We sent a few of Chaotic Moon Studios’ brilliant in-house developers to attend Apple’s Worldwide Developer’s Conference (WWDC), and kept track of the ongoing action via Apple.com from our Austin headquarters.
That said, we couldn’t wait until the conference concluded to report on Apple’s announcements and how the tech juggernaut’s plans, updates and vision will impact the user experience and shape the future of tech to come.
Here it is, courtesy of Chaotic Moon EVP of Technology (and executive BASE sponsor), C.K. Sample III…
While not a world-changing, life-shattering update per se, the newest iOS is slated to come out this fall and be open beta in July.
Particularly noteworthy aspects include the first features to make iOS a true multitasking platform: Slide Over and Split View, both of which allow you to have more than one application running on the screen simultaneously–an especially relevant upgrade given that, according to Apple, the average person has 119 apps installed. (Want more amazing Apple-related numbers? Engadget breaks it down.) There are also new additions to the onscreen keyboard, which allow for easy copy-and-paste action. Imagine a two-finger touch that turns the keyboard into a touchpad for navigating around the text you’re selecting, sparing you all the pinch-and-zoom madness we’ve been dealing with in past OSes. Also notable is “predictive touch,” which some are taking as a clue that Apple plans to add a stylus to the iPad.
We pride ourselves for being as ahead of the tech curve as our lack-of-time-machines will allow, so our developers are already soaking in all the live-streamed sessions from WWDC and are diving into the new Developer Release build of iOS 9. On the client end, our Quality Assurance team will conduct audits against all our existing and in-flight client projects to ensure every product we’ve lovingly crafted will continue to run as seamlessly as it has since we pushed it out of the womb—er…studio.
The second operating system for the Apple Watch comes out a mere six weeks after the product initially hit the market and, as updates are aimed to do, is slated to greatly improve the user experience. Get ready to have the option for a tech separation of church and state (or, um, something like that), as the new OS will allow for self-contained native apps that live separately from the iPhone. There will also be expanded access to functionality and tools. Think HomeKit, an accelerometer, Taptic Engine, Digital Crown and access to a mic for digital replies.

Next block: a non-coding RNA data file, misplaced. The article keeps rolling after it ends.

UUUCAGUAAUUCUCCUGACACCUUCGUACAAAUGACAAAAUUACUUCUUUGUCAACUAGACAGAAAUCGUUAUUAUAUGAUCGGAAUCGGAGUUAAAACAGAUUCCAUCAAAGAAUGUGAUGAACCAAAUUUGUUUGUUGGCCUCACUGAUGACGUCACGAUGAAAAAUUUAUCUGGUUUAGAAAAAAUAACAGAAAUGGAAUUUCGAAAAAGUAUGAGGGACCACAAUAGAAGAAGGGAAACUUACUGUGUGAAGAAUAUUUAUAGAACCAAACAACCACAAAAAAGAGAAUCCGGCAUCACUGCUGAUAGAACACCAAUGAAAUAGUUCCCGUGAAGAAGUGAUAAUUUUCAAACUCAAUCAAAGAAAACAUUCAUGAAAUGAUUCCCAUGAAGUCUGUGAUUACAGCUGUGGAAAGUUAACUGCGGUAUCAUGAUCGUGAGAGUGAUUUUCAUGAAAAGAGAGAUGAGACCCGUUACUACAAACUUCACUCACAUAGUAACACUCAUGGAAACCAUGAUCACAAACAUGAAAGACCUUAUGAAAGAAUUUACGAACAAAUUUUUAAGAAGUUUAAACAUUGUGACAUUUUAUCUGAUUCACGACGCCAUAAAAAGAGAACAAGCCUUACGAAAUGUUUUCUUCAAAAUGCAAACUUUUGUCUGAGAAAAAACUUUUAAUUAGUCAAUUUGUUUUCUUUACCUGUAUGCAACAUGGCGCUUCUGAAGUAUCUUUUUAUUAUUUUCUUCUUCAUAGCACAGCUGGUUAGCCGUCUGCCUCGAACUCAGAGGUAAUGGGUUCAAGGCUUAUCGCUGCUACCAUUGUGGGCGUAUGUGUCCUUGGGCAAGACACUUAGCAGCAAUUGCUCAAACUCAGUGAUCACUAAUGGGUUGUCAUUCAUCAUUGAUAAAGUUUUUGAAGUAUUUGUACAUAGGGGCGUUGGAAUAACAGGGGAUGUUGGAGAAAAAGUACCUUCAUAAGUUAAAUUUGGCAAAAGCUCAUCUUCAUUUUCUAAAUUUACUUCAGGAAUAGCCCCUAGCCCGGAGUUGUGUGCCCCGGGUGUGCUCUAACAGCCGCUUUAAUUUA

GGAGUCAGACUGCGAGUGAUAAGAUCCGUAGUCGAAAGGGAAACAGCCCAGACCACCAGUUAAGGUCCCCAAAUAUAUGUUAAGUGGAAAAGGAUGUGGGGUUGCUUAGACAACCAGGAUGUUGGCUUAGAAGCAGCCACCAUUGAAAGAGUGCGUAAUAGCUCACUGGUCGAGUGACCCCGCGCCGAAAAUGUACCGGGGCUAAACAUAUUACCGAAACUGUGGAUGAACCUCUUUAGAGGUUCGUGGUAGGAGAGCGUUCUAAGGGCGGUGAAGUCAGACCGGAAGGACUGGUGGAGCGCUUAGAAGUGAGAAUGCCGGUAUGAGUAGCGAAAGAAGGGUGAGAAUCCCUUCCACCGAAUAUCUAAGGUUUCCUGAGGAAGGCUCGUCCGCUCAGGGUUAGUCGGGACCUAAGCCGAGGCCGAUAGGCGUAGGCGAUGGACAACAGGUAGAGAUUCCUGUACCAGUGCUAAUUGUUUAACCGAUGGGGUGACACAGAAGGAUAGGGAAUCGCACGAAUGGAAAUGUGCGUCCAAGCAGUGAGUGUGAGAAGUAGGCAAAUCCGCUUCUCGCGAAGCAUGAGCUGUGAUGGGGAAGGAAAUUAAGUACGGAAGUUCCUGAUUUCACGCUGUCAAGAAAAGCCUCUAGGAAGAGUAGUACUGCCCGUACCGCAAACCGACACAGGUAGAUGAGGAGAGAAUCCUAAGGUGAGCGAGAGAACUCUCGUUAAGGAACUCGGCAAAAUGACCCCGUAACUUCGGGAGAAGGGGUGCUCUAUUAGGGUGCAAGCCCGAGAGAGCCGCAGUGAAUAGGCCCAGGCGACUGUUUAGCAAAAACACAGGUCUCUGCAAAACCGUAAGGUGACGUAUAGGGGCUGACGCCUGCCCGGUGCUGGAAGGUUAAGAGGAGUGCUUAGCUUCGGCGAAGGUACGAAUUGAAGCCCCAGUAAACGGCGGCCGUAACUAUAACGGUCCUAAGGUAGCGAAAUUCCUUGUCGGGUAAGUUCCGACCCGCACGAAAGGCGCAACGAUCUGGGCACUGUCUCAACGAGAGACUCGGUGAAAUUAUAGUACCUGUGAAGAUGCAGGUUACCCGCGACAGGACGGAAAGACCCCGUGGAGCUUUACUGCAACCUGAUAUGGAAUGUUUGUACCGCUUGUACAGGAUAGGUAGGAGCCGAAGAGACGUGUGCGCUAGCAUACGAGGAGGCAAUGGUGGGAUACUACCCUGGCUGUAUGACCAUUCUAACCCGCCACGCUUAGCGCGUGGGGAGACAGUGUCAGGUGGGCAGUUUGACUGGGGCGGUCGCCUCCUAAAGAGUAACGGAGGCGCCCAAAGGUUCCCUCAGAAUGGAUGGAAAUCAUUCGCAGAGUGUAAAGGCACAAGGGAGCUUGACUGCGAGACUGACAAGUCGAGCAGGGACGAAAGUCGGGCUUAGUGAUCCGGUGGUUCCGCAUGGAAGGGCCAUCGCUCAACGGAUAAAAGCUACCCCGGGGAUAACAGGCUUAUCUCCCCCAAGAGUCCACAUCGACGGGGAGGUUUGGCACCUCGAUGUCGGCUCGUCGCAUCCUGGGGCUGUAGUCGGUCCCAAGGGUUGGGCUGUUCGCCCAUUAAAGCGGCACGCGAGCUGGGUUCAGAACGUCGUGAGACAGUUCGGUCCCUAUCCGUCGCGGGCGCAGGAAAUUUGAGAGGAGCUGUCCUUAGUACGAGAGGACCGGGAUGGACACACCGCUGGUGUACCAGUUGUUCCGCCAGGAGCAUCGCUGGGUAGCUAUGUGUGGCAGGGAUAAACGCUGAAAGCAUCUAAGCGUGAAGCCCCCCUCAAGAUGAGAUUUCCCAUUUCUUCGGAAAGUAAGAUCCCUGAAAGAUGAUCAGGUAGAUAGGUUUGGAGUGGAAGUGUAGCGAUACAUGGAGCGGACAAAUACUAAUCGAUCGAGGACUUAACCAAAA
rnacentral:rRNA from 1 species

We’ve long been predicting the advancement of wearables, and Apple’s individual advancements are exciting for companies, developers, users—everyone who interacts with tech, really.
While iTunes is a longstanding institution, this is Apple’s official foray into the music-streaming arena, where it will take on online radio services like Pandora and the specialists at Spotify. Set to launch June 30th in over 100 countries, Apple Music will run users $9.99 per month (while family plans ring in at $14.99). What differentiates it from competitors is the way it allows the user to integrate their personal collection with the iTunes Store’s entire catalogue (which is over 30 million tracks strong), and stream from a variety of devices. It also includes a feature that gives artists an avenue to share content with and connect with their fans.
If you’re not a fan of paying for music, Apple also announced Beats 1, a free 24/7 music streaming station, which will exist in correlation with iTunes Radio. It’s radio on the internet!
Curating a kick-ass office soundtrack, natch.